A native of Los Angeles, California, Edward David Zeliff began his musical life studying piano with the renowned pianist and Master Teacher Earle Voorhies (whose musical pedigree goes back to Franz Liszt via Alexander Siloti, a teacher of Rachmaninov). He went on to study composition at the California Institute of the Arts, earning there his Bachelor of Music degree. This was followed by activity in the religious film community composing and conducting a number of scores for short subjects and features in this media, during which time he led musicians in recording sessions held in both Los Angeles and London. Notable examples of his work in this medium are BEYOND THE NEXT MOUNTAIN, THE LIVING WORD, and a secular student film, HAIRLINE.
After considerable time spent teaching privately, serving as Director of Music for various Southern California churches, and composing service music and numerous anthems of varying difficulty, Edward David Zeliff returned to the collegiate world to earn both a Masters and a Doctor of Musical Arts from Claremont Graduate University, again in the field of musical composition, and there he studied with the distinguished composers Frank Campo and Peter Boyer. Of Dr. Zeliff's music, Peter Boyer has written, "He is a musician of excellent caliber, a skilled orchestrator with a flair for orchestral color, and he sets text exquisitely - his EQUATORIA (for soprano and chamber orchestra) was featured on CGU's first promotional CD, COMPOSITION AT CLAREMONT GRADUATE UNIVERSITY, and this work has been remarked upon by many with whom this recording has been shared." Zeliff's catalogue includes song cycles (OF LOSS, LIFE, AND LOVE: SONGS FROM THE POETRY OF WALT WHITMAN), piano literature (OUT OF TIME), and several substantial works for orchestra, notably: SPECTRES: INSPIRATIONS FROM THE PROSE OF EDGAR ALLAN POE; LORD JIM: A NARRATIVE FOR ORCHESTRA FROM THE NOVEL BY JOSEPH CONRAD; and SEASCAPES, a setting for mixed chorus and orchestra of 5 diverse poems concerning travel on the world's oceans. His large-scale choral output includes NOW VOYAGER, for mixed chorus and 5 instruments, dealing with life and death (on a text derived from the writings of Walt Whitman), and GOD THOUGHTS, a work for mixed chorus, harp, and strings, featuring settings of select poetry by Emily Dickinson. This latter work was chosen for the 2004 Essentially Choral Reading Session sponsored by The American Composers Forum and VocalEssence, a professional chorus directed by Philip Brunelle. Dr. Zeliff's piano suite OUT OF TIME is soon to be recorded in Germany by the internationally acclaimed pianist Edith Orloff, who has included this work in several of her most recent recitals.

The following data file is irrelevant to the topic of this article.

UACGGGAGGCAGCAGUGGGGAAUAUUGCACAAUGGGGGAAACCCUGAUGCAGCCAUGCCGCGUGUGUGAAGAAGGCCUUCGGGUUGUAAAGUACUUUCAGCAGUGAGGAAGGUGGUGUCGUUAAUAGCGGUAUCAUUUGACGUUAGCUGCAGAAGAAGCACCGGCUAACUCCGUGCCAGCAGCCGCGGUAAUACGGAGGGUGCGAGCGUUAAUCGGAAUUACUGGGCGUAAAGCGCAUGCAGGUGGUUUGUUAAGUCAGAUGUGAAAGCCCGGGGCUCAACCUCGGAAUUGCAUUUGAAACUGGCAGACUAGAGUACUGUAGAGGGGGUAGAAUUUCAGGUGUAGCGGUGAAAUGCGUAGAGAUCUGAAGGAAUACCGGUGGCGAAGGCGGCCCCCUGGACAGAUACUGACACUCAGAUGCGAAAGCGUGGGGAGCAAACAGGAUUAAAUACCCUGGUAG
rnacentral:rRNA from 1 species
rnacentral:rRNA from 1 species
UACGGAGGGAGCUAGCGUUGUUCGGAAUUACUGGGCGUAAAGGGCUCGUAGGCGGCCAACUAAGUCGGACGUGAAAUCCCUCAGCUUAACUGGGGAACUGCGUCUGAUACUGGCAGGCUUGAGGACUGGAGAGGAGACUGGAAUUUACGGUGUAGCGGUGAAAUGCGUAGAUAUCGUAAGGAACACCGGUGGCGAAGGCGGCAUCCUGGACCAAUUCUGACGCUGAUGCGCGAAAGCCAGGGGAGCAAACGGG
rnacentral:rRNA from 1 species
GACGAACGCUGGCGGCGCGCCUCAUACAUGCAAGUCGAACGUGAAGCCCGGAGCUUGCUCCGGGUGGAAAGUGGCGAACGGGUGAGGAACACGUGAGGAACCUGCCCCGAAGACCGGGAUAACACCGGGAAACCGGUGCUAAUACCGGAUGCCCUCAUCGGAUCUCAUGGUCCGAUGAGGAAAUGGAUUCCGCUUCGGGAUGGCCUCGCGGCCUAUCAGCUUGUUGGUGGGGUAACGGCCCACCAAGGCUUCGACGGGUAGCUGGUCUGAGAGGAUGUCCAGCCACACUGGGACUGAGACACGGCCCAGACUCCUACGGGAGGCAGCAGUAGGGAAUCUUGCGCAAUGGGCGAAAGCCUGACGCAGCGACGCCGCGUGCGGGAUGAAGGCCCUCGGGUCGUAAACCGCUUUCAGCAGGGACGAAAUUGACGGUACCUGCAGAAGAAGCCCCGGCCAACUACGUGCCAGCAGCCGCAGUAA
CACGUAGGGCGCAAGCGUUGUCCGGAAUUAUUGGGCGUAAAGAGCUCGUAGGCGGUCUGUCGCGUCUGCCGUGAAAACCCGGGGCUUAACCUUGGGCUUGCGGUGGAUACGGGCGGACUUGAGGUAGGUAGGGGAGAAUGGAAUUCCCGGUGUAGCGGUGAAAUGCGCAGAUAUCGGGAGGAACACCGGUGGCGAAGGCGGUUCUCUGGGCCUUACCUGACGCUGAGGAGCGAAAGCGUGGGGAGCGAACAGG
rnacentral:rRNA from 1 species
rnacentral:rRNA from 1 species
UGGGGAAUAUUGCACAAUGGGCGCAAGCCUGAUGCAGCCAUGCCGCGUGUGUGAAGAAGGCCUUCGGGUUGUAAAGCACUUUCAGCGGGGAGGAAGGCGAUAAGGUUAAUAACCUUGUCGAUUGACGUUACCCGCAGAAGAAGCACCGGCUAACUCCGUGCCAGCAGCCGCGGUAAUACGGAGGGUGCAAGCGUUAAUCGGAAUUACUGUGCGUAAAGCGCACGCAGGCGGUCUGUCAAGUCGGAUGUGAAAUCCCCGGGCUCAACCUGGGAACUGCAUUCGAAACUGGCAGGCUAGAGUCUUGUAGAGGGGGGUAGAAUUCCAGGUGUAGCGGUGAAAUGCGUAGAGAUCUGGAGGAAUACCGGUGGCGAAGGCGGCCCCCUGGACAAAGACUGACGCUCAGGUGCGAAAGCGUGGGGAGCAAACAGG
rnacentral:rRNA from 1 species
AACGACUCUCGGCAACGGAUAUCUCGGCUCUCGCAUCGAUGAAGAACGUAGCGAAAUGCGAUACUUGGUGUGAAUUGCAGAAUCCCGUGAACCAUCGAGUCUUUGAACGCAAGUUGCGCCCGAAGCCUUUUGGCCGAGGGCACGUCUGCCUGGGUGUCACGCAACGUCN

TO KNOW (for Mixed Chorus, a cappella, a setting of a poem by Emily Dickinson that expresses the thoughts of a person whose loved one has died far away from home); WORLD WITHOUT WAR: A PRAYER FOR PEACE (for Mixed Chorus and Strings); HEART OF DARKNESS: A SYMPHONIC VISION OF THE SHORT NOVEL BY JOSEPH CONRAD (for large Orchestra); IN THE SILENCE OF MY SOUL (an a cappella anthem for mixed chorus); I AM A POOR WAYFARING STRANGER (an a cappella spiritual arrangement for mixed chorus); MY SOUL MAGNIFIES THE LORD (an a cappella setting of the Magnificat for divided Mixed Chorus); SING THEM TILL THE NIGHT EXPIRE (a new Christmas Carol for Mixed Chorus and Celesta); WHO ARE YOU, MY LITTLE ONE? (also Christmas, mixed chorus and piano, with optional oboe); WHEREVER YOU GO: A SONG OF RUTH (treble chorus with piano).
Other projects recently completed include an orchestral transcription of the social, historical, and psychological implications of Joseph Conrad's novella HEART OF DARKNESS (for large orchestra), I, MARINER (for solo voice and orchestra - "An excellent work featuring poems about the sea; impressionistic and multi-cultural, with lovely canto passages" - Foundation Orchestra Association), and WORLD WITHOUT WAR (a 20 minute, 3 movement prayer for peace incorporating thoughts from 12 major world religions, scored for mixed chorus and strings). Dr. Zeliff currently resides near the Claremont Colleges and maintains a busy schedule teaching composition at Claremont Graduate University in addition to giving private voice and piano lessons, composing, and conducting church choirs, all the while finding the time to prepare full length piano recitals. Edward David Zeliff is both a composer and publisher member of ASCAP.
I teach all my students, performance and composition alike, that all great music by the masters strives to maintain the balance between tension and its release as well as the balance between the repetition of an idea and the statement of a new one when working out the formal structure. Our job as students and practitioners of the art of music is to discover these balances and use that knowledge to shape convincing and emotionally satisfying performances. So too with us composers: in our efforts to structure new musical works, we need to be cognizant of these balances and demand of ourselves the highest standards in the creation of music that satisfies both the mind and the heart without sacrificing our artistic integrity. Music needs to communicate ideas, and it needs to be felt: felt by those who create it, by those who perform it, and by those who hear it, for then it will be understood, and when understood, it then communicates.